Fit and Finish Improvements at Steinway & Sons

“Fit and Finish” Improvements at Steinway & Sons: A Photo Essay

by LARRY FINE

DUE TO ITS POSITION for more than a century and a half as maker of America's preeminent concert piano, Steinway & Sons has often been a lightning rod for controversy and criticism. Some of these controversies, such as the Teflon-bushing debacle of the 1960s and '70s and the allegations of cracked soundboards in the 1990s, were played out in an unusually public way — unusual because of the highly arcane technical nature of the issues involved, and because of the relatively small size of the piano industry in modern times.

Overshadowed by these sexier controversies, however, two other problematic characteristics of American-made Steinways were more quietly present behind the scenes. One was that Steinway pianos usually arrived at the dealer needing an excessive amount of preparation before being ready for sale. Although most of the work was of a routine nature — tuning, voicing, action regulating, cabinet touchup — there was always the concern that the dealer might not make good on its obligation to prepare the piano, and the customer might receive an instrument unworthy of the Steinway name. The second problem was that, as musically first-rate as the pianos were, in many small ways Steinway pianos left something to be desired in cosmetics. Among other problems, the sharp corners and edges of the satin ebony models were subject to premature wearing away, dings in the plate and case made when the piano was being strung were sometimes imperfectly repaired, and rough woodworking on the bottom of the piano was concealed with black paint. While not affecting performance, these cosmetic issues did not live up to Steinway's reputation for overall excellence. All of these things are catalogued by the industry as "fit and finish," and for decades it was well known in the business that Steinway had a fit and finish problem.

How did the company get away with this? For one thing, the basic designs of Steinway pianos, and the construction processes the company uses, are so good as to cover up a multitude of more minor sins. When the dealer put in the time to properly prepare the pianos, they could — and usually did — play superbly. For another, many of the items that lacked cosmetic appeal were in places the end user did not normally look (such as the bottom or interior of the piano), or would not likely be noticed for a long time (such as finish wear on sharp edges and corners), and so did not normally affect sales. Last, for most of the past century, Steinway simply had no real competition in the U.S. When one wanted a piano of the highest quality, it was assumed one would buy a Steinway. There being nothing better with which to compare a Steinway, there were few grounds for complaint.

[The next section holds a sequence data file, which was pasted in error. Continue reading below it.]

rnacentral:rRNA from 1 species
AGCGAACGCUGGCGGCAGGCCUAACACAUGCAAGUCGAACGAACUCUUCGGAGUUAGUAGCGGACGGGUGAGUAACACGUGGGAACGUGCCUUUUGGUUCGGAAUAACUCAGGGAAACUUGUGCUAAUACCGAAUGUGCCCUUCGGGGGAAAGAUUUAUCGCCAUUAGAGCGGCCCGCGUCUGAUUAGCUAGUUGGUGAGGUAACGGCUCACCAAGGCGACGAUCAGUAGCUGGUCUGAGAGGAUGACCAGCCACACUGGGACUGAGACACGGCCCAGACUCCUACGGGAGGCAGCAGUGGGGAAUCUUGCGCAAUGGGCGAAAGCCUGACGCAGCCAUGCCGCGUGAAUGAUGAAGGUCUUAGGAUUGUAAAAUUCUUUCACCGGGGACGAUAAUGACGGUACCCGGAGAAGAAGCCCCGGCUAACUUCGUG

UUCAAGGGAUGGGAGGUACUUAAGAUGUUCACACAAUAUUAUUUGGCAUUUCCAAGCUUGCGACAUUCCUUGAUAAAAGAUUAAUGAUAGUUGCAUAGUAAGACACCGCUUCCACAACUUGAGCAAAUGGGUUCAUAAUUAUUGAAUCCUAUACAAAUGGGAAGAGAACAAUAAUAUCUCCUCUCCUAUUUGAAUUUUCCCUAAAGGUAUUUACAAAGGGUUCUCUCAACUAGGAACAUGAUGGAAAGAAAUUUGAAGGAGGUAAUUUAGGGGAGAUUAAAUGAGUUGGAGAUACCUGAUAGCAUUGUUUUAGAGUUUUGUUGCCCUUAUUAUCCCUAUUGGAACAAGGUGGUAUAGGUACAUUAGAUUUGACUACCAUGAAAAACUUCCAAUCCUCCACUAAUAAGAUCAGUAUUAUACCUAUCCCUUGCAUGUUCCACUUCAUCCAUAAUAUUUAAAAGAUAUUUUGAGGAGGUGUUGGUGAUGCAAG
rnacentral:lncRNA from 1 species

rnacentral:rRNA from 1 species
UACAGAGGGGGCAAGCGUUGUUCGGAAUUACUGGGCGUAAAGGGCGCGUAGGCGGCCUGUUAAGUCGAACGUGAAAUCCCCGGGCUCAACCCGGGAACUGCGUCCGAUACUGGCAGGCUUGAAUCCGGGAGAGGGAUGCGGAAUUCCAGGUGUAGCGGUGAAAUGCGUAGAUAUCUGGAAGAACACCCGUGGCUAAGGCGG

It was against this backdrop that, in response to an invitation by Steinway officials to tour the factory, I stopped in briefly at the company's headquarters in Queens, New York, last summer to see some of its recent manufacturing changes. The tour was conducted by the director of Steinway's manufacturing assembly operations, Michael Mohr. I had known Mohr for many years; the son of the legendary Franz Mohr, Steinway's former chief concert technician, Michael Mohr literally grew up in the business. We were later joined by the company's vice president of manufacturing, Andy Horbachevsky. In the interest of saving time, Mohr decided to concentrate on showing me just the most recent changes, some of which dated back a couple of years, others instituted within the previous few months.

Although I knew that Steinway had made some improvements, too many years of seeing too little change had dulled my expectations. It wasn't long, however, before I realized that what I was seeing was anything but business as usual, and I became energized. There were no new patents with clever marketing slogans, no vague statements about trying harder — but there were dozens of small, practical changes to manufacturing processes, materials, and infrastructure, each specifically designed to solve a well-known, persistent problem regarding the piano's fit and finish or, occasionally, its performance. Whereas some involved proprietary new machinery that replaced inconsistent handwork, others actually increased the amount of handwork. Some, such as covering the strung piano with plastic sheeting to keep out dirt during production, were laughably simple and should have been instituted years ago. Others, such as climate-controlling the action department so that action specifications would not be affected by daily and seasonal swings in humidity, obviously required considerable expenditures for infrastructure. It was as if someone had made up a long list of problems that needed to be systematically tackled; with each manufacturing change I was shown, I could see another item crossed off that list.